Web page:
With the new tax year beginning tomorrow, multiple tax thresholds and allowances will change. Which? analyses who will be better and worse off under the changes.
Among the increases in allowances, the top rate income tax falls to 45%, while basic rate taxpayers get to keep more of their income tax-free.
Taxpayers get increased personal allowance
Increasing personal allowance (the amount of income you can keep before paying tax) was an early goal of the Coalition government. From £6,475 in 2010, it had risen to £8,105 by 2012/13 and will increase to £9,440 in 2013/14.
The £1,335 addition is worth £267 to a basic rate taxpayer and has been described by the Chancellor as ‘a direct boost to the incomes of people working hard to provide for their families’.
By raising the tax threshold, the government has lifted an estimated 2 million out of paying income tax altogether. It intends to raise personal allowance further in 2014/15, to £10,000.
Age-related personal allowance is frozen
Personal allowance for older people has been frozen at the same levels as 2012/13. For those born before 6 April 1948 it is £10,500 and for those born before 6 April 1938 it is £10,660.
The extra allowance is means-tested however and will be withdrawn at the rate of £1 for every £2 your income exceeds £26,100. For those born before 6 April 1948 this means they get no additional allowance once their income exceeds £28,220.
For those born before 6 April 1938 the cut-off is £28,540. Above these limits, older people receive the standard personal allowance for 2013-14 of £9,440.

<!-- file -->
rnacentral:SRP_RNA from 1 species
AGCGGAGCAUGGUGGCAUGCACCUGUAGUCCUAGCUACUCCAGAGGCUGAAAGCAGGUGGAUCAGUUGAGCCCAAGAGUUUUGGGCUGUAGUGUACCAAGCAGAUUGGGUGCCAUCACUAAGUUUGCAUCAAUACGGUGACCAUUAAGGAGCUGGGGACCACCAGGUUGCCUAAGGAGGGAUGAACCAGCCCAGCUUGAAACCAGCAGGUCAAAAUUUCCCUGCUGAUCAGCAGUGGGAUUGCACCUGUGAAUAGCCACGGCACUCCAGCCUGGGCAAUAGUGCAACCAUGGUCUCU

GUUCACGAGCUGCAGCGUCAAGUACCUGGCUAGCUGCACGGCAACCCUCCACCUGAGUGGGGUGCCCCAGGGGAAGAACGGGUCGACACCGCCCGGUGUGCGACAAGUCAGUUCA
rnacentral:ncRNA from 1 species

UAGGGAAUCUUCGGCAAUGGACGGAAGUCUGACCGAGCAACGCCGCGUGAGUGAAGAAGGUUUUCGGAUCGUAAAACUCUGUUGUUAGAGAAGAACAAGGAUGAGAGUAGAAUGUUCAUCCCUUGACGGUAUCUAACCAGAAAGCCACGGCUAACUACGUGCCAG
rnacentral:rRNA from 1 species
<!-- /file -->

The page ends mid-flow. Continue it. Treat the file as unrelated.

Find out more in out guide to age-related allowances.
More to pay higher-rate tax
The threshold at which higher rate tax is payable at 40% will fall in 2013/14, from £34,370 to £32,010. This is due on your taxable income – so excludes personal allowance.
An estimated 400,000 taxpayers will be caught by the lower threshold and pay 40% tax for the same time.
Additional rate tax falls
The top rate of income tax falls in 2013/14, from 50% to 45%. The additional rate applies to those whose taxable income exceeds £150,000.
These high earners get no personal allowance, as it is withdrawn at the rate of £1 for every £2 your income exceeds £100,000 and is lost altogether at £118,880.
Tax on dividends falls for additional rate taxpayers too – from 42.5% to 37.5%.
Capital gains tax
Capital gains tax rates remain unchanged in 2013/14, at 18% for standard rate taxpayers and 28% for higher rate taxpayers. The annual capital gains tax allowance rises from £10,600 to £10,900.
Isa limits raised
The amount you can save tax-free in an Isa rises in 2013/14, from £11,280 to £11,520. This is the overall limit.
A maximum of £5,760 can be saved in a cash Isa, and a further £5,760 can be invested in a stocks and shares Isa in the same year.
The limit for Junior Isas is increases for 2013/14, from £3,600 to £3,720. The same annual limit applies to Child Trust Funds.
IHT threshold unchanged
The nil-rate band, above which inheritance tax (IHT) is payable at 40%, will not change in 2013-14 and remains at £325,000. The government has indicated that the IHT threshold will remain frozen at this level until 2018.
State pension increase
The start of the new financial year also signals a rise in basic state pension from £107.45 per week, to £110.15 per week in 2013-14. This is an increase of 2.5%.